Tag Archives: Rodale’s Illustrated Encyclopedia of Herbs

“There’s Rosemary That’s for Remembrance. Pray, You Love, Remember.” ~ Hamlet


“There’s rosemary and rue. These keep
Seeming and savor all the winter long.
Grace and remembrance be to you.”
William Shakespeare

I love rosemary both for its scent and wonderful history.  I’m never without at least one modest plant.  My current specimen is making a come back from a winter in my chilly sun room, and I’m rooting a few cuttings.

Rodale’s Illustrated Encyclopedia of Herbs says:  “For centuries people thought that a rosemary plant would grow no higher than 6 feet in 35 years so as not to stand taller than Christ.  Another story tells that the flowers were originally thought to be white but changed to blue when the Virgin Mary hung her cloak on a bush while fleeing from Herod’s soldiers with the Christ child.

Rosemary possessed powers of protection against evil spirits, or so people thought.  In the Middle Ages, men and women would place sprigs under their pillows to ward off demons and prevent bad dreams.

“There’s rosemary that’s for remembrance. Pray, you love, remember.” ~ Hamlet

Rosemary is one of my favorite herbs, mostly just because. I rarely cook with it, but love its scent and the wealth of history behind it. Known as the herb of remembrance from the time of ancient Greece, it appears in that immortal verse by Shakespeare.  My fascination with herbs plays a significant role in my historical/light paranormal romance Somewhere My Love, as does Hamlet, for that matter.  I always wanted to write a murder mystery with a focus on herbs and parallels to a Shakespearean play, and so I did.

Regarding Rosemary, Maud Grieve in A Modern Herbal says,
“The Ancients were well acquainted with the shrub, which had a reputation for strengthening the memory. On this account it became the emblem of fidelity for lovers. It holds a special position among herbs from the symbolism attached to it. Not only was it used at weddings, but also at funerals, for decking churches and banqueting halls at festivals, as incense in religious ceremonies, and in magical spells.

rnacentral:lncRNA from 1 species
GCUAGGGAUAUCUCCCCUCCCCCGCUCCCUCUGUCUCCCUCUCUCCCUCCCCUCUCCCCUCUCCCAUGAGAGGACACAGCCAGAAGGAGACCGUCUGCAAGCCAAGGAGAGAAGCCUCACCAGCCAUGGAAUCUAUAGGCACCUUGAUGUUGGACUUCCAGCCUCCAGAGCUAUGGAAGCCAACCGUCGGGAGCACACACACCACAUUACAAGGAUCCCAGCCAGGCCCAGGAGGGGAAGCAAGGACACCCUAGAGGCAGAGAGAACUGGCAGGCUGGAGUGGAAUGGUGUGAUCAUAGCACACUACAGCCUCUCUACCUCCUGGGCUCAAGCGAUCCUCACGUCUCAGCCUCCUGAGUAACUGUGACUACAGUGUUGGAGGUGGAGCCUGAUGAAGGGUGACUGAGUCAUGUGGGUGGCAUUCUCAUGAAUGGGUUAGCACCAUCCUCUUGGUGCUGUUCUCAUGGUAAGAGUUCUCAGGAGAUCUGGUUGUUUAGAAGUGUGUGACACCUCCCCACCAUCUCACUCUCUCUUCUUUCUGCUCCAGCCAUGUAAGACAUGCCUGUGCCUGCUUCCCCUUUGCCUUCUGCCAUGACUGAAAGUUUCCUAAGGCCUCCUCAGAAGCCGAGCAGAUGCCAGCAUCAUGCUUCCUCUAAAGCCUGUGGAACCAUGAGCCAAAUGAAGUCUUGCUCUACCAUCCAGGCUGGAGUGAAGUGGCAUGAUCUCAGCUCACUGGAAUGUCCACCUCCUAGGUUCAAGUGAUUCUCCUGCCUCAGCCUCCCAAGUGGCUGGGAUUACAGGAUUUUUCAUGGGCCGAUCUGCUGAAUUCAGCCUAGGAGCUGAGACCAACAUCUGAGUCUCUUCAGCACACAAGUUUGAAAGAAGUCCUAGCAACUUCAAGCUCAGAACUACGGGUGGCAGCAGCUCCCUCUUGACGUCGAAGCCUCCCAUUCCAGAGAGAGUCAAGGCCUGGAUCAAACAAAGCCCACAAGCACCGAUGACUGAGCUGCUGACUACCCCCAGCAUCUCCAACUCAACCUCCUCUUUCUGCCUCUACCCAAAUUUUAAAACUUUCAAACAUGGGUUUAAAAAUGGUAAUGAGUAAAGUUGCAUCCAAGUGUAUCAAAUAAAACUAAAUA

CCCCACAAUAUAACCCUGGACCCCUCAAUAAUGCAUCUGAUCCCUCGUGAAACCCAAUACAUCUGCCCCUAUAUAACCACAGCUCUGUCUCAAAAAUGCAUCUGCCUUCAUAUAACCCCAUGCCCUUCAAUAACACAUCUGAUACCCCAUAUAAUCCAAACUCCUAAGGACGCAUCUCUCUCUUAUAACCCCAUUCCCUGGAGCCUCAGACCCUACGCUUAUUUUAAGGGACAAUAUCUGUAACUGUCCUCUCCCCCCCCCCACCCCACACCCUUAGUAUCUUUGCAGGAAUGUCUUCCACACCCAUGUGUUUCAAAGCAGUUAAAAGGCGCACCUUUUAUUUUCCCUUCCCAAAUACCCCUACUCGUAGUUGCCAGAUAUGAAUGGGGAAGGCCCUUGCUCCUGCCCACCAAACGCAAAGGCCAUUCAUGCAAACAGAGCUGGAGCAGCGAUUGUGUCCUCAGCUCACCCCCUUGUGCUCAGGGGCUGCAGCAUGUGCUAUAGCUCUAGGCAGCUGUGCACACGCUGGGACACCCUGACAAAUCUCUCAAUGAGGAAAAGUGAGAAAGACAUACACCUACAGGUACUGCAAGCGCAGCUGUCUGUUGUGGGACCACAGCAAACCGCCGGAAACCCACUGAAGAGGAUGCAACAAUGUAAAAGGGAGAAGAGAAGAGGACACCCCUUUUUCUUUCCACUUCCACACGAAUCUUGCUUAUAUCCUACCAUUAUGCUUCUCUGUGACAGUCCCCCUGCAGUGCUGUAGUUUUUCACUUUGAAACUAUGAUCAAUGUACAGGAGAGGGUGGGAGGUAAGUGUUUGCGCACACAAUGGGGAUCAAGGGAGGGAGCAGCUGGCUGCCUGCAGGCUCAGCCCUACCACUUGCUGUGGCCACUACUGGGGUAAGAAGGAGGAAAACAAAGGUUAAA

At weddings, it was entwined in the wreath worn by the bride, being first dipped into scented water.  Anne of Cleves, (*4th wife of Henry V111 and one who survived him), we are told, wore such a wreath at her wedding. A Rosemary branch, richly gilded and tied with silken ribands of all colours, was also presented to wedding guests, as a symbol of love and loyalty. Together with an orange stuck with cloves it was given as a New Year’s gift…

In early times, Rosemary was freely cultivated in kitchen gardens and came to represent the dominant influence of the house mistress, ‘Where Rosemary flourished, the woman ruled.’

The Treasury of Botany says:
‘There is a vulgar belief in Gloucestershire and other counties, that Rosemary will not grow well unless where the mistress is “master”; and so touchy are some of the lords of creation upon this point, that we have more than once had reason to suspect them of privately injuring a growing rosemary in order to destroy this evidence of their want of authority.’

Rosemary was one of the cordial herbs used to flavour ale and wine. It was also used in Christmas decoration.
“Down with the rosemary and so,
Down with the baies and mistletoe,
Down with the holly, ivie all
Wherewith ye deck the Christmas Hall.” —HERRICK.

“As for rosemary, I let it run all over my garden walls, not only because my bees love it but because it is the herb sacred to remembrance and to friendship, whence a sprig of it hath a dumb language.”
Sir Thomas More (1478-1535) British writer, statesman and philosopher

Miss Ainslie gathered a bit of rosemary, crushing it between her white fingers. “See,” she said, “some of us are like that it takes a blow to find the sweetness in our souls.”